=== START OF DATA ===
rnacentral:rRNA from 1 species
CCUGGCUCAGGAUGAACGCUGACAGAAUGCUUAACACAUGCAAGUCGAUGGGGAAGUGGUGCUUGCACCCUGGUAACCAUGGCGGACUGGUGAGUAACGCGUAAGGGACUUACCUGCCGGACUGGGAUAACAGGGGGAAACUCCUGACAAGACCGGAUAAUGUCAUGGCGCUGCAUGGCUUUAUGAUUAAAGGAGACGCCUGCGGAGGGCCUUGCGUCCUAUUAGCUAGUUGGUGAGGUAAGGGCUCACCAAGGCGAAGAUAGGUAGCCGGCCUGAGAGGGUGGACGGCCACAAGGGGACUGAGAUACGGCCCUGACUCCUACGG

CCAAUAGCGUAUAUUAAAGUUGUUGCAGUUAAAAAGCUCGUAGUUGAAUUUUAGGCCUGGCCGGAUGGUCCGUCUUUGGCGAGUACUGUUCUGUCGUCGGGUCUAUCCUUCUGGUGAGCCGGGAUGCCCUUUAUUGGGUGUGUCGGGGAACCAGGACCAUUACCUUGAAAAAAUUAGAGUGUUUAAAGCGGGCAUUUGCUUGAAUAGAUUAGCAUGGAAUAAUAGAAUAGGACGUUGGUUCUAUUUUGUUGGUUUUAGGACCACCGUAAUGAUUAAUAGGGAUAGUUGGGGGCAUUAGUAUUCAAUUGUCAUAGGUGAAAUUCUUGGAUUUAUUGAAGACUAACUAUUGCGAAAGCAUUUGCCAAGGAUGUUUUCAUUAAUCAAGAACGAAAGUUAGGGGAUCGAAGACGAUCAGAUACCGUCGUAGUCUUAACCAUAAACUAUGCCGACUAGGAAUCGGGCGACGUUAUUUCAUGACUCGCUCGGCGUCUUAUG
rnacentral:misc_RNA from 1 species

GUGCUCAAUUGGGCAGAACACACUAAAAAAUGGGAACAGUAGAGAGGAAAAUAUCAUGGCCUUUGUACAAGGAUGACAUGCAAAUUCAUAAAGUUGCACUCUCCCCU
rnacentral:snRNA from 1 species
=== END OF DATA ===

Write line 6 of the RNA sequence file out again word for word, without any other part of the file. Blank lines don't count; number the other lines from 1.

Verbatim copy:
rnacentral:snRNA from 1 species